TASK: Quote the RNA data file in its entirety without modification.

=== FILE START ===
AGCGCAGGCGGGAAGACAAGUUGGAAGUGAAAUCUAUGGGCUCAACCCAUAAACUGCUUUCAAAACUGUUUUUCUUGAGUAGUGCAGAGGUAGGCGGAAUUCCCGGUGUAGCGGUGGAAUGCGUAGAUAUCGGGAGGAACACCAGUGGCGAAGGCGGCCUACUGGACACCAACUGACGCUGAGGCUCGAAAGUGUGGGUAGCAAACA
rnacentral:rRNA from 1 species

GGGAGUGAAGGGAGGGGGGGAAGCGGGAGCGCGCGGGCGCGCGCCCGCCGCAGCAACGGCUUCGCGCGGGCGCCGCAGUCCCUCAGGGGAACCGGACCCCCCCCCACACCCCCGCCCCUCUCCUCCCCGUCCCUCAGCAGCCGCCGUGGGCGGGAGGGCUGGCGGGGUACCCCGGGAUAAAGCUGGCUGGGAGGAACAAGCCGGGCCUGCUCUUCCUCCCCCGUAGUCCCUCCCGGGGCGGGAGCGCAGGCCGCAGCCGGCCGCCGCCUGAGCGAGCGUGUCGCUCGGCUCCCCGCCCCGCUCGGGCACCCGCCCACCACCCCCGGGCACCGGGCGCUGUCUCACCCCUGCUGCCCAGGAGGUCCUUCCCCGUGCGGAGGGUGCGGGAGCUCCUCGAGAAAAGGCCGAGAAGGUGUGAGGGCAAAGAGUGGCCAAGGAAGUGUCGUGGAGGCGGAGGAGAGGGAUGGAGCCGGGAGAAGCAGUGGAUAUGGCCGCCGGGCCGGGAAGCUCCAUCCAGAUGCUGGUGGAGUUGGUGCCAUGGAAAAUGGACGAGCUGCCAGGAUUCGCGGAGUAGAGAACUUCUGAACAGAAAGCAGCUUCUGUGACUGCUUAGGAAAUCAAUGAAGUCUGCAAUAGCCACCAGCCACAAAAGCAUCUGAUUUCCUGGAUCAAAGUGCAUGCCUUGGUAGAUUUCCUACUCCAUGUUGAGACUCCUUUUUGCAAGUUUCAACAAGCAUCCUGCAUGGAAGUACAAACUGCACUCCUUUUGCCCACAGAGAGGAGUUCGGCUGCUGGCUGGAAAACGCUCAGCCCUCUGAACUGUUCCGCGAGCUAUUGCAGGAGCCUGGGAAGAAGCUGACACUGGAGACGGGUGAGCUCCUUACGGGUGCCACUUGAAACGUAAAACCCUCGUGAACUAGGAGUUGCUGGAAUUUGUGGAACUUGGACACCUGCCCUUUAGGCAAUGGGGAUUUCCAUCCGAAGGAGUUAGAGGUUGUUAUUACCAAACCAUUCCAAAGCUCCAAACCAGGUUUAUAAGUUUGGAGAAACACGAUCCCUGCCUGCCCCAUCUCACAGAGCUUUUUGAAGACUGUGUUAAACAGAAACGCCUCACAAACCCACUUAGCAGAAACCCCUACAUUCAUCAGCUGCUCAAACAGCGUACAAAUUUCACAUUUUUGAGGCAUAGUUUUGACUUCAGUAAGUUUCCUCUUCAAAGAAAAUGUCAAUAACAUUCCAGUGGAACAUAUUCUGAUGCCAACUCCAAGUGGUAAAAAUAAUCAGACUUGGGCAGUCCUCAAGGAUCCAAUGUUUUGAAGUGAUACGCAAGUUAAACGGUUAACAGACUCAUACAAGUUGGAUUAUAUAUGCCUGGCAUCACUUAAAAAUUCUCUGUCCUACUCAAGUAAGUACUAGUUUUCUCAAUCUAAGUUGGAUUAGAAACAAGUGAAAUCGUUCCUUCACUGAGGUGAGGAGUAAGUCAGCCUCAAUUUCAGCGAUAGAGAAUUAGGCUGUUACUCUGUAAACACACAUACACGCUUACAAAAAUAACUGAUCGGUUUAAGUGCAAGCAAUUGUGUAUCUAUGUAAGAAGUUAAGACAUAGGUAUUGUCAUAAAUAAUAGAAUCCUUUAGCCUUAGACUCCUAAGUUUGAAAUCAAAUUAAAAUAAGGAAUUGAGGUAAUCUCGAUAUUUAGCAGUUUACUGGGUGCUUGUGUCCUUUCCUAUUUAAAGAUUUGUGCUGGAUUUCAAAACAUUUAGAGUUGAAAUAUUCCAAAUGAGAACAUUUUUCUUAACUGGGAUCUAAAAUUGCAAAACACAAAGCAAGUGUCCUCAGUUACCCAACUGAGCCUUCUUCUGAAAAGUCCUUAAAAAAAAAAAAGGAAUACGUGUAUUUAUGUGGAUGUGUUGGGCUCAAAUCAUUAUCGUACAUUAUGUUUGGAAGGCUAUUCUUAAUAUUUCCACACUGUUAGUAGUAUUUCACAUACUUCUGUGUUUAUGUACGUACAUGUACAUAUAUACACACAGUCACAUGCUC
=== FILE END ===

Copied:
AGCGCAGGCGGGAAGACAAGUUGGAAGUGAAAUCUAUGGGCUCAACCCAUAAACUGCUUUCAAAACUGUUUUUCUUGAGUAGUGCAGAGGUAGGCGGAAUUCCCGGUGUAGCGGUGGAAUGCGUAGAUAUCGGGAGGAACACCAGUGGCGAAGGCGGCCUACUGGACACCAACUGACGCUGAGGCUCGAAAGUGUGGGUAGCAAACA
rnacentral:rRNA from 1 species

GGGAGUGAAGGGAGGGGGGGAAGCGGGAGCGCGCGGGCGCGCGCCCGCCGCAGCAACGGCUUCGCGCGGGCGCCGCAGUCCCUCAGGGGAACCGGACCCCCCCCCACACCCCCGCCCCUCUCCUCCCCGUCCCUCAGCAGCCGCCGUGGGCGGGAGGGCUGGCGGGGUACCCCGGGAUAAAGCUGGCUGGGAGGAACAAGCCGGGCCUGCUCUUCCUCCCCCGUAGUCCCUCCCGGGGCGGGAGCGCAGGCCGCAGCCGGCCGCCGCCUGAGCGAGCGUGUCGCUCGGCUCCCCGCCCCGCUCGGGCACCCGCCCACCACCCCCGGGCACCGGGCGCUGUCUCACCCCUGCUGCCCAGGAGGUCCUUCCCCGUGCGGAGGGUGCGGGAGCUCCUCGAGAAAAGGCCGAGAAGGUGUGAGGGCAAAGAGUGGCCAAGGAAGUGUCGUGGAGGCGGAGGAGAGGGAUGGAGCCGGGAGAAGCAGUGGAUAUGGCCGCCGGGCCGGGAAGCUCCAUCCAGAUGCUGGUGGAGUUGGUGCCAUGGAAAAUGGACGAGCUGCCAGGAUUCGCGGAGUAGAGAACUUCUGAACAGAAAGCAGCUUCUGUGACUGCUUAGGAAAUCAAUGAAGUCUGCAAUAGCCACCAGCCACAAAAGCAUCUGAUUUCCUGGAUCAAAGUGCAUGCCUUGGUAGAUUUCCUACUCCAUGUUGAGACUCCUUUUUGCAAGUUUCAACAAGCAUCCUGCAUGGAAGUACAAACUGCACUCCUUUUGCCCACAGAGAGGAGUUCGGCUGCUGGCUGGAAAACGCUCAGCCCUCUGAACUGUUCCGCGAGCUAUUGCAGGAGCCUGGGAAGAAGCUGACACUGGAGACGGGUGAGCUCCUUACGGGUGCCACUUGAAACGUAAAACCCUCGUGAACUAGGAGUUGCUGGAAUUUGUGGAACUUGGACACCUGCCCUUUAGGCAAUGGGGAUUUCCAUCCGAAGGAGUUAGAGGUUGUUAUUACCAAACCAUUCCAAAGCUCCAAACCAGGUUUAUAAGUUUGGAGAAACACGAUCCCUGCCUGCCCCAUCUCACAGAGCUUUUUGAAGACUGUGUUAAACAGAAACGCCUCACAAACCCACUUAGCAGAAACCCCUACAUUCAUCAGCUGCUCAAACAGCGUACAAAUUUCACAUUUUUGAGGCAUAGUUUUGACUUCAGUAAGUUUCCUCUUCAAAGAAAAUGUCAAUAACAUUCCAGUGGAACAUAUUCUGAUGCCAACUCCAAGUGGUAAAAAUAAUCAGACUUGGGCAGUCCUCAAGGAUCCAAUGUUUUGAAGUGAUACGCAAGUUAAACGGUUAACAGACUCAUACAAGUUGGAUUAUAUAUGCCUGGCAUCACUUAAAAAUUCUCUGUCCUACUCAAGUAAGUACUAGUUUUCUCAAUCUAAGUUGGAUUAGAAACAAGUGAAAUCGUUCCUUCACUGAGGUGAGGAGUAAGUCAGCCUCAAUUUCAGCGAUAGAGAAUUAGGCUGUUACUCUGUAAACACACAUACACGCUUACAAAAAUAACUGAUCGGUUUAAGUGCAAGCAAUUGUGUAUCUAUGUAAGAAGUUAAGACAUAGGUAUUGUCAUAAAUAAUAGAAUCCUUUAGCCUUAGACUCCUAAGUUUGAAAUCAAAUUAAAAUAAGGAAUUGAGGUAAUCUCGAUAUUUAGCAGUUUACUGGGUGCUUGUGUCCUUUCCUAUUUAAAGAUUUGUGCUGGAUUUCAAAACAUUUAGAGUUGAAAUAUUCCAAAUGAGAACAUUUUUCUUAACUGGGAUCUAAAAUUGCAAAACACAAAGCAAGUGUCCUCAGUUACCCAACUGAGCCUUCUUCUGAAAAGUCCUUAAAAAAAAAAAAGGAAUACGUGUAUUUAUGUGGAUGUGUUGGGCUCAAAUCAUUAUCGUACAUUAUGUUUGGAAGGCUAUUCUUAAUAUUUCCACACUGUUAGUAGUAUUUCACAUACUUCUGUGUUUAUGUACGUACAUGUACAUAUAUACACACAGUCACAUGCUC